On a recent Wednesday afternoon, yellow-cab driver Ajit Singh Bharth had just dropped off a passenger in Midtown Manhattan when he attracted some unusual notice.
“I knew that I had to catch that cab,” said Quinton Clemm, an account executive at upscale men’s fashion-label Eidos. “Luckily, two blocks later, the taxi caught the light at 55th and I was able to dodge traffic and hop in the back.”
Mr. Clemm was in hot pursuit of more than just a ride. He was struck by the “older gentleman” with “gold-rimmed, aviator-style bifocals, a tan spread-collar shirt, with an awesome, full, white beard.” Once in the car, he offered the 62-year-old cabby an opportunity most people only dream about: Would he be willing to model in a fashion show?
Mr. Bharth was surprised. “But I said ‘OK, it will be a new experience in my life.’ ” The next morning, he made his runway debut at Men’s Fashion Week in New York… Mr. Bharth, the cabby, tried to avoid direct eye contact with fashion editor guests for more than an hour. “I enjoyed it,” said the driver, who went right back on duty after the show. [link]
the gas line is leaking, the bird is gone from the
cage, the skyline is dotted with vultures;
Benny finally got off the stuff and Betty now has a job
as a waitress; and
the chimney sweep was quite delicate as he
giggled up through the
I walked miles through the city and recognized
nothing as a giant claw ate at my
stomach while the inside of my head felt
airy as if I was about to go
it’s not so much that nothing means
anything but more that it keeps meaning
there’s no release, just gurus and self-
appointed gods and hucksters.
the more people say, the less there is
even the best books are dry sawdust.
I watch the boxing matches and take copious
notes on futility.
then the gate springs open again
and there are the beautiful silks
and powerful horses riding
agains the sky.
such sadness: everything trying to
break through into
every day should be a miracle instead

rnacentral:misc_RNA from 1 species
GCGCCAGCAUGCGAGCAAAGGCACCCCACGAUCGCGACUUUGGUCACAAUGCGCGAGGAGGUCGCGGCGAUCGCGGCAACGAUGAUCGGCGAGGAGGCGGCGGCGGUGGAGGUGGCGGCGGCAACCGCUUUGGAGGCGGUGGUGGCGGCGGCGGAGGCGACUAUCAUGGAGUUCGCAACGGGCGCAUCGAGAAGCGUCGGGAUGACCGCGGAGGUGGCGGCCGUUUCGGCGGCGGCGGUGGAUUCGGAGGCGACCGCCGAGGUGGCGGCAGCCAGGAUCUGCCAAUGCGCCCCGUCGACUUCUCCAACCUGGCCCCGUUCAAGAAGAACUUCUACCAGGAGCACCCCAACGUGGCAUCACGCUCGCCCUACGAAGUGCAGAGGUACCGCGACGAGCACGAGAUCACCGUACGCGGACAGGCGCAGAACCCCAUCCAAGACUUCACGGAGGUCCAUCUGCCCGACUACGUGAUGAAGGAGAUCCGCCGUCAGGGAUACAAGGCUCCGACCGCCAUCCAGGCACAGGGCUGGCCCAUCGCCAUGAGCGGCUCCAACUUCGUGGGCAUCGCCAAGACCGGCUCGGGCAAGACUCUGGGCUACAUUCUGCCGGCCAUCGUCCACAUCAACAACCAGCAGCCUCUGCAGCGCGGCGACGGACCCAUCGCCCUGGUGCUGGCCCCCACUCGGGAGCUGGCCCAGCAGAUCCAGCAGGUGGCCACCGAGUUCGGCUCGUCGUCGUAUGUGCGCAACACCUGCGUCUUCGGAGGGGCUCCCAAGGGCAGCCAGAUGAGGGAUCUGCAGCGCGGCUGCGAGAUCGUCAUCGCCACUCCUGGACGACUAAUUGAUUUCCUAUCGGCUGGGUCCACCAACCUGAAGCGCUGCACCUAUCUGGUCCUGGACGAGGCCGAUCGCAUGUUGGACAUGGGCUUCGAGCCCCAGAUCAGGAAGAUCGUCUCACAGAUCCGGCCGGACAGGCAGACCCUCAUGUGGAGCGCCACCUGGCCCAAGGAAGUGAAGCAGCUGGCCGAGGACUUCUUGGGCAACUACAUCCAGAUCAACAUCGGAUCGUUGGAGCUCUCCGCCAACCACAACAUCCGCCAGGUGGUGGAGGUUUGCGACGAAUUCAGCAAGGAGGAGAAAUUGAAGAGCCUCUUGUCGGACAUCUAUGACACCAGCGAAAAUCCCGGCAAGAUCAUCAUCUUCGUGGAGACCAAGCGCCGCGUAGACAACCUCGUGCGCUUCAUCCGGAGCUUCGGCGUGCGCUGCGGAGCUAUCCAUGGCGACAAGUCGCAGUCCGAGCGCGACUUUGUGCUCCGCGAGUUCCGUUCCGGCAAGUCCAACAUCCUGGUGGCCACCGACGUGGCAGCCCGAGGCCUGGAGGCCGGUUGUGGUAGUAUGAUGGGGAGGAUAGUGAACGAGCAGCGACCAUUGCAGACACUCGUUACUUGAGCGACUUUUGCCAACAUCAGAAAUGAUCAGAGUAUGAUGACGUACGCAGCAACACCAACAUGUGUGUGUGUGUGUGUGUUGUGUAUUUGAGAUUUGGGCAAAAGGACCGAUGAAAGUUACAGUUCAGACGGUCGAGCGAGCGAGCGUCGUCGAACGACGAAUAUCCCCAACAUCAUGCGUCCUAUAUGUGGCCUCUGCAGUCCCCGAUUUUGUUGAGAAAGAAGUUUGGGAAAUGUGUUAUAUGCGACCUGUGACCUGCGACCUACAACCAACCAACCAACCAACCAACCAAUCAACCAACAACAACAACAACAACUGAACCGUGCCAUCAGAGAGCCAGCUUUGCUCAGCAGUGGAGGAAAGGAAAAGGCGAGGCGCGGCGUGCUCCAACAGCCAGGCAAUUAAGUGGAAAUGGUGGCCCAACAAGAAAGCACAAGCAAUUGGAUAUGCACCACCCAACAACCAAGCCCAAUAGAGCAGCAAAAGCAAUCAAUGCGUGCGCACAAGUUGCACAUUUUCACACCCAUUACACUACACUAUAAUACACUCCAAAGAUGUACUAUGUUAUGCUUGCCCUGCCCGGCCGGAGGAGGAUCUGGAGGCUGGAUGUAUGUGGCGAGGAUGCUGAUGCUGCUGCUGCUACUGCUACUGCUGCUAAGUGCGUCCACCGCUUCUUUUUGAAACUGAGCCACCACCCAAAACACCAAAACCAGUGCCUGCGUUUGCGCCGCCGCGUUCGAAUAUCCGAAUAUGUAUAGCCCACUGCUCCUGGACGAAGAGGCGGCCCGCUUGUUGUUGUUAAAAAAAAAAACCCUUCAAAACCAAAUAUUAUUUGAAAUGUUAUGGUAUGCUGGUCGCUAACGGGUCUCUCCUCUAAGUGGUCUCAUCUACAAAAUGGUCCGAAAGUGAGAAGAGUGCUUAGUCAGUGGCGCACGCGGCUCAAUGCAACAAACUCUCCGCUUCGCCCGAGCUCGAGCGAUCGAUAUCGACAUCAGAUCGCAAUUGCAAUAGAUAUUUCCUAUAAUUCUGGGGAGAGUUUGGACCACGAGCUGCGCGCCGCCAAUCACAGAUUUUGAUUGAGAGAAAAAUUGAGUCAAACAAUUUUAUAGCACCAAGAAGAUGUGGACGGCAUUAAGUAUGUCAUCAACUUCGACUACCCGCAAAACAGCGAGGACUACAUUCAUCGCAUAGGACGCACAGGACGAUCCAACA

of a machination.
in my hand rests the last bluebird.
the shades roar like lions and the walls
rattle, dance around my
then her eyes look at me, love breaks my
bones and I
Rather, my message is that this noisy, N = 41, between-person study never had a chance. The researchers presumably thought they were doing solid science, but actually they’re trying to use a bathroom scale to weigh a feather—and the feather is resting loosely in the pouch of a kangaroo that is vigorously jumping up and down. [link]
This image is horrifying enough, but the comments show a typical callousness about the loss of life, especially non-American life, that is repulsive and all too typical.
You guys know about vampires? You know, vampires have no reflections in a mirror? There’s this idea that monsters don’t have reflections in a mirror. And what I’ve always thought isn’t that monsters don’t have reflections in a mirror. It’s that if you want to make a human being into a monster, deny them, at the cultural level, any reflection of themselves. And growing up, I felt like a monster in some ways. I didn’t see myself reflected at all. I was like, “Yo, is something wrong with me? That the whole society seems to think that people like me don’t exist? And part of what inspired me, was this deep desire that before I died, I would make a couple of mirrors. That I would make some mirrors so that kids like me might seem themselves reflected back and might not feel so monstrous for it. [link]
According to Trekonomics, Star Trek was inspired by and written in reaction to Heinlein’s early space fiction:
The hierarchical structure and naval ranks of the first Star Trek series were geared to appeal to Heinlein’s readers and demographic, all these starry-eyed kids who, like Roddenberry himself, had read Space Cadet and Have Spacesuit — Will Travel. Star Trek used all the tropes of Heinlein but sanitized them. For instance, racial and gender equality were prominent features of Heinlein’s stories. Nobody cared about your sex or the color of your skin as long as you were willing to sign up for the Space Patrol or the Federal service. Starship Troopers’ hero, Juan “Johnny” Rico, was Filipino. In that regard, Heinlein had undoubtedly paved the way for The Original Series’ integrated crew. From Space Cadet onward, he made it a new norm in science fiction that people of color and women (as in Starship Troopers) could also be protagonists. That they were bestowed visibility and full agency in an authoritarian version of e pluribus unum is a different question altogether. Kirk himself, manly, resourceful, and decisive, came across as just dim enough to evince Johnny Rico. William Shatner played up to perfection the character’s kitsch, his martial swagger and womanizing slightly off-kilter in a world ruled by diplomats and scientists, all eggheads and sissies, with or without pointy ears. [link, at BoingBoing]